We feel hungrier when it is cold than when it is warm and we gravitate toward high-calorie foods in colder weather and low-calorie foods in hot weather. These are common beliefs, but they leave out one important factor: emotions. We humans are emotional eaters. This is not to say that other animals do not also eat out of grief or boredom or a variety of emotional states, but we rather excel at it. Nothing wrong with that. We are a complex and extraordinary creature after all.
Then there is gender. Studies show that temperature affects men’s appetite more than women’s. This sounds rather like some sort of myth to us, though there might be some evolutionary reason behind such variations. Overall, humans seem to defy science in many ways.
Not all experts agree. Some report that extreme temperature, for instance the heat of summer and the cold in winter here in the Northeast, contribute to extreme changes in appetite. We tend to eat less in summer and more in winter. This sounds right at first glance, but then consider summer BBQs. Surely not a time when we eat less. However, while the volume of food we ingest in summer may be very similar to our winter intake, our summer selections tend to lead to a lower intake in calories. The reasons are obvious: fresh produce is everywhere.
Meanwhile, other experts suggest that it is not the weather itself that affects appetite so much as the length of days. Studies show that our appetite grows as the days get shorter, and vice versa. Thus the weather may not be the key here so much as the balance of daylight and night. A study from the University of Georgia found that we may consume as much as 200 more calories per day as the days get shorter in fall and throughout winter. Another study measured similar results merely by changing light exposure, without a change in temperature. Shorter days seem to increase appetite.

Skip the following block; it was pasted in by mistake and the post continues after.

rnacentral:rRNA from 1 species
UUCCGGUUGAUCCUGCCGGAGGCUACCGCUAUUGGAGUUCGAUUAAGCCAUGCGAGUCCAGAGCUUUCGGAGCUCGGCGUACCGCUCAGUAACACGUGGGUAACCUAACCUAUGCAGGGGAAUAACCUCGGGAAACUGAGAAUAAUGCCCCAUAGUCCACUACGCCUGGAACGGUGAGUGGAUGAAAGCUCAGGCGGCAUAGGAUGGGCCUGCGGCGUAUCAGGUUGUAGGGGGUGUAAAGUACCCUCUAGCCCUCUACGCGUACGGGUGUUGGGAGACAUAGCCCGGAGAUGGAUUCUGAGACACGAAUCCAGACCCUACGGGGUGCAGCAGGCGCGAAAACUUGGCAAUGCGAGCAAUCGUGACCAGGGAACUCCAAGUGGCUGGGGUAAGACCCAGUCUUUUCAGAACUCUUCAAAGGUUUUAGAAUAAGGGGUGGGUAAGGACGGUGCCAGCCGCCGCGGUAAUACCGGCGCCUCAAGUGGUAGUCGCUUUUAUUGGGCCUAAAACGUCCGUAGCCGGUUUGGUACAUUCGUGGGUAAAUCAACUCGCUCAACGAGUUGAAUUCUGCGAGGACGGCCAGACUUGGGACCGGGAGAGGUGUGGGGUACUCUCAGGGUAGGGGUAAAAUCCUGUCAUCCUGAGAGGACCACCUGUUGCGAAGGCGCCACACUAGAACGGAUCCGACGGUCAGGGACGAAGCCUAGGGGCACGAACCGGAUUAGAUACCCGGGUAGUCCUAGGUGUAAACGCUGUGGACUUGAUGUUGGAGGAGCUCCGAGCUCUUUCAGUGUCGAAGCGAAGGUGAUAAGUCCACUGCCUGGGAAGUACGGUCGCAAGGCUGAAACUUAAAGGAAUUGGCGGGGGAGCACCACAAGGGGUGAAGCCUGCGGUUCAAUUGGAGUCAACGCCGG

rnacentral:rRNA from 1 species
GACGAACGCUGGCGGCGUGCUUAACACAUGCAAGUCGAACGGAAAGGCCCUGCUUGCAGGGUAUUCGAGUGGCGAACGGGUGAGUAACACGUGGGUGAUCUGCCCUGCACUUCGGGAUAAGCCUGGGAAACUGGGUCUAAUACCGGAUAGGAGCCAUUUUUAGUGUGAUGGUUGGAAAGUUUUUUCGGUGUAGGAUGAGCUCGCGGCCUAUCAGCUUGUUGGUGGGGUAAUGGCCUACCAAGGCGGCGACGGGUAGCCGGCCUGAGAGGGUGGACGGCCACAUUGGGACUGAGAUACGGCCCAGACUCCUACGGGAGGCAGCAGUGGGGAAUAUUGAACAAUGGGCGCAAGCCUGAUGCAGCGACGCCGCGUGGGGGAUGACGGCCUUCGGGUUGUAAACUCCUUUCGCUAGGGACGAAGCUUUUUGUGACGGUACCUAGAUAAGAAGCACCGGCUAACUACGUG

At the root of the issue is a matter of instinct, agree most scientists. It makes sense for a predator, which is what we are after all, to have increased appetite leading up to and during the colder months, for food may be scarce in those times and the body needs reserves. How this theory applies to tropical climates is not clear, but again leads many to attribute changes in appetite to the length of days rather than weather. Although if one lives smack in the middle, between the poles, the length of days and nights does not vary much, so the weather may be a greater factor after all in such places.
Part instinct, part environment might be a better explanation. When it comes to humans, environment is a multi-faceted factor. We have created occasions when, by now, we instinctively look forward to meals. BBQ parties in summer and holidays throughout the year provide unique and somewhat unnatural circumstances. Add to this the fact that we assign specific times of day to three specific meals. As far as we know, we are the only creature who has come up with scheduled occasions to partake of food. This throws off many of our natural inclinations.
In the end, weather does affect appetite no matter how we rationalize our cravings or lack thereof. It is a matter of instinct and one of memory also. The prowling cat may hunt ceaselessly on the eve of a thunderstorm, because it remembers that it got hungry in similar conditions at a previous time. Likewise, we crave food or indulging in large meals when stormy weather keeps us shut in, because we remember feeling “empty” on such days.
Clearly, the reasons for the weather-appetite correlation are more complex than we can fully explore in one article, and digging up information on this topic, along with the gray skies and heavy atmosphere this afternoon, has made us rather hungry. One final question comes to mind: We know that food gives us calories and calories keep us warm. Does cold food really cool us down?